Leaders set the tone for this. They have the opportunity to demonstrate compassion and foster highly connected, close-knit teams where people care for one another. This isn’t something to be seen as ‘soft’ or inappropriate at work. It’s often seen in extremely challenging settings, such as elite sports teams, in the military and in workplaces that create a ‘family’ feel. These teams have strength and discipline, make tough calls and are focused on important tangible results; they also care deeply about one another, demonstrate philia and ‘have each other’s backs’.

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The golden rule teaches us to, “Treat others as you want to be treated”, which is a noble and worthy goal. What is even better however, is the platinum rule, “Treat others as they want to be treated.”

It’s powerful to understand your natural communication style (using whatever tool you choose to measure it by – there are so many out there). Once you understand your default style and the fact you’ll naturally think, plan and communicate using your own style, you can discover the power of tapping in to other people’s styles to better connect with them.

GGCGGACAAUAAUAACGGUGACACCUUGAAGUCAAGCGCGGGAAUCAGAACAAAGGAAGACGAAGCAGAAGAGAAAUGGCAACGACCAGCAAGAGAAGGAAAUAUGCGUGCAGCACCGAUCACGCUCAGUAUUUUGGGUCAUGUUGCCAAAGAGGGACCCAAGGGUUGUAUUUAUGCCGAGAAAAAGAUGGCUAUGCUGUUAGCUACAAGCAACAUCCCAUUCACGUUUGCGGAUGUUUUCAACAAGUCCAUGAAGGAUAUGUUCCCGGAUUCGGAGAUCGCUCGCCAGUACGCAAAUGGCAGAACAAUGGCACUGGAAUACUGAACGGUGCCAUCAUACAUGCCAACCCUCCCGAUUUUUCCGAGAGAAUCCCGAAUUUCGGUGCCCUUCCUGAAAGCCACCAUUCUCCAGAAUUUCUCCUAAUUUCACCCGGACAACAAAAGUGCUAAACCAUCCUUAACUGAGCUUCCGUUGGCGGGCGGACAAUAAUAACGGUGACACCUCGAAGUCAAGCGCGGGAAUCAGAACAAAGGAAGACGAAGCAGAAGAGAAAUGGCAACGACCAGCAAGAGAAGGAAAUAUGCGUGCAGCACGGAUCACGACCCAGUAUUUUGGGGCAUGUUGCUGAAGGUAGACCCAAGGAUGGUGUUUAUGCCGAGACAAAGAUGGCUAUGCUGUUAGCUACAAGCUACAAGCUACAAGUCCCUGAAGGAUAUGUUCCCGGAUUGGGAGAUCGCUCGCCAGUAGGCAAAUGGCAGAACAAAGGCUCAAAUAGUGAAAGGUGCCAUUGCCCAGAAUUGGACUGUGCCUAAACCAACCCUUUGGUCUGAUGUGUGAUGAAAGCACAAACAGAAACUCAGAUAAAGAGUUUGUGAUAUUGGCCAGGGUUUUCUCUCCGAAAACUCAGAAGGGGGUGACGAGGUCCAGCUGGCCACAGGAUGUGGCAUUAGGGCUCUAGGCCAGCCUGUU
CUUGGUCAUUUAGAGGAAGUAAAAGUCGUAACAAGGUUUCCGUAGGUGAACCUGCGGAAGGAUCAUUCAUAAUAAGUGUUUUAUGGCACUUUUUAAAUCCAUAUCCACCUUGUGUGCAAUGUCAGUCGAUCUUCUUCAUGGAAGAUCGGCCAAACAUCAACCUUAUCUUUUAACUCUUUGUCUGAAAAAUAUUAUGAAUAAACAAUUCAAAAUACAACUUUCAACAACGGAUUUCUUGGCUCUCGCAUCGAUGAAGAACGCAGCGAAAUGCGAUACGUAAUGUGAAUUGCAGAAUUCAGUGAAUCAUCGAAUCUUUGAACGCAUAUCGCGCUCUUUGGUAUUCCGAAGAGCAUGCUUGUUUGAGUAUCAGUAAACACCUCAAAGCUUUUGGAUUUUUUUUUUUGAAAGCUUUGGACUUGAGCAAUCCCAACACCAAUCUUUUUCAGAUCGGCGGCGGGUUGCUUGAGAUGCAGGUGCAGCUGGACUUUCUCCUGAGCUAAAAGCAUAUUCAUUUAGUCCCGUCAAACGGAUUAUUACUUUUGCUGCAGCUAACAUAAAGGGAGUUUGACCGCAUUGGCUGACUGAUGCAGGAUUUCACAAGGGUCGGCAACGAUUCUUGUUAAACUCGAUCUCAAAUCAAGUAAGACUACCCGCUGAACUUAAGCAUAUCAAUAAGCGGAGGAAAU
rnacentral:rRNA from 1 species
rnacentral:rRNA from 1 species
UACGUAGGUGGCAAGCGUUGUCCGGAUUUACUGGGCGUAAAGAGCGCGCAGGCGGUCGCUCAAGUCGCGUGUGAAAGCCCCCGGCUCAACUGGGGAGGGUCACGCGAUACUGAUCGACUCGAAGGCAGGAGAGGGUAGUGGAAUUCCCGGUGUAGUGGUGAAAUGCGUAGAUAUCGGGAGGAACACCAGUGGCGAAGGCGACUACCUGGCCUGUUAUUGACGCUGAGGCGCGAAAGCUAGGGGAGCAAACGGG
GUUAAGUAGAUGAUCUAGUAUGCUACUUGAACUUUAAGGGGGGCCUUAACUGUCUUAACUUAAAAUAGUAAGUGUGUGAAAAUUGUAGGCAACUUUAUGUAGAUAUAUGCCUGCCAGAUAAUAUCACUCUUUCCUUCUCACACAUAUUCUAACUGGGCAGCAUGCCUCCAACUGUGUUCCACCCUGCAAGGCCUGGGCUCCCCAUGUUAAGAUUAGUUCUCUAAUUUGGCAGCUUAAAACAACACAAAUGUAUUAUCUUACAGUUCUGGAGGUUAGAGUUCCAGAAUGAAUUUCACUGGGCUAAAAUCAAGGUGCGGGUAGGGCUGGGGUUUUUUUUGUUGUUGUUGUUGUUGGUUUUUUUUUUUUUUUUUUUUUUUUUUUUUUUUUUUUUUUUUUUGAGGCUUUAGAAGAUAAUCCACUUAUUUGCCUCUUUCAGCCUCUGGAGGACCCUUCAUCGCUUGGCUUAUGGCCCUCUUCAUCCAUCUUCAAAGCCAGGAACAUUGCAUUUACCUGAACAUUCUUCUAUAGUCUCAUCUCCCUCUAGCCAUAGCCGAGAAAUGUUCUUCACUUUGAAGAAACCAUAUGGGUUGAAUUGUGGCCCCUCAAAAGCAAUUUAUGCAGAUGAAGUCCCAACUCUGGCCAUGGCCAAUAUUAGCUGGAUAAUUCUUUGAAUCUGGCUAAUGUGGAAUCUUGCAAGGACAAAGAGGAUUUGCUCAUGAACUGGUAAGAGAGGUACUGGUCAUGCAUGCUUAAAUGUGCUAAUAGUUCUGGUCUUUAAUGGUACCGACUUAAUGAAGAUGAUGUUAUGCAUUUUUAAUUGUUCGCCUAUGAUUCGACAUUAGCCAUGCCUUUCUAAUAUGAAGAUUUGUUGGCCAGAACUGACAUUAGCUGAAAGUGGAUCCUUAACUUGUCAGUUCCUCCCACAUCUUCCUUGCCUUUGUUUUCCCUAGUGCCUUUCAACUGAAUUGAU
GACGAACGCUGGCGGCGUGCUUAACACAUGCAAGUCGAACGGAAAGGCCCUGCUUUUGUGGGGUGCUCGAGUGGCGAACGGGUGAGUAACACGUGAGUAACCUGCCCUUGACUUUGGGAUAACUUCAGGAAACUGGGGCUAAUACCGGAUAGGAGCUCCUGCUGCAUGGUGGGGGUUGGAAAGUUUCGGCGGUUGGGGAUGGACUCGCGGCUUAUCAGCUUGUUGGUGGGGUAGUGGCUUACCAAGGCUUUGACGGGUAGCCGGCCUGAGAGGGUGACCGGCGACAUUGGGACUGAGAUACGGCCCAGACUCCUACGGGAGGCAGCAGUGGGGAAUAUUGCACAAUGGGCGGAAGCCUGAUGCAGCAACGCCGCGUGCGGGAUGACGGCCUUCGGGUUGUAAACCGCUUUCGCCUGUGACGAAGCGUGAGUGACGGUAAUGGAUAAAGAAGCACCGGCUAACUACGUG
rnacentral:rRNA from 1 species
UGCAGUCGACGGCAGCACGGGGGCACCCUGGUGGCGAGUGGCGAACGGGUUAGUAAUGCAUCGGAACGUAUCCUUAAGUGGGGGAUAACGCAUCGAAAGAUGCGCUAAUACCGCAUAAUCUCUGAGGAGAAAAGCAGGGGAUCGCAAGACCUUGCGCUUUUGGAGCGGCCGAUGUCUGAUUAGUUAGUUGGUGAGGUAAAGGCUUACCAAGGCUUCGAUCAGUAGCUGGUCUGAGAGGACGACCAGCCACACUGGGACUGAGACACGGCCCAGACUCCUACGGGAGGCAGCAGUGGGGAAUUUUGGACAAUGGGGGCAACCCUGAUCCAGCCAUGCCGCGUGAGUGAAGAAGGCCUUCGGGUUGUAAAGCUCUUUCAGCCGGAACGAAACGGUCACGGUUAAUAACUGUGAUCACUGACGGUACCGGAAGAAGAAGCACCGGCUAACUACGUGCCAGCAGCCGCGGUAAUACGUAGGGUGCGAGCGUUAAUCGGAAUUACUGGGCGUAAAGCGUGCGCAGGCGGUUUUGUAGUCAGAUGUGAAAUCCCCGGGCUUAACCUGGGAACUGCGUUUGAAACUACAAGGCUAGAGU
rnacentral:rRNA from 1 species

If you’re a task-focused person, you’ll get better results with your people-focused colleagues if you spend a little more time at the top of the email or the start of the call to check how they’re doing. Conversely, if you’re more people-focused, you’ll profit from minimising chit-chat and getting to the point for your task-focused colleagues.

Caution: These examples are oversimplified – there are many nuances to communication styles and personality profiles. However, the more work you can do as an organisation to help your staff be aware of their own and others’ styles, the more you create understanding, which will vastly improve working relationships.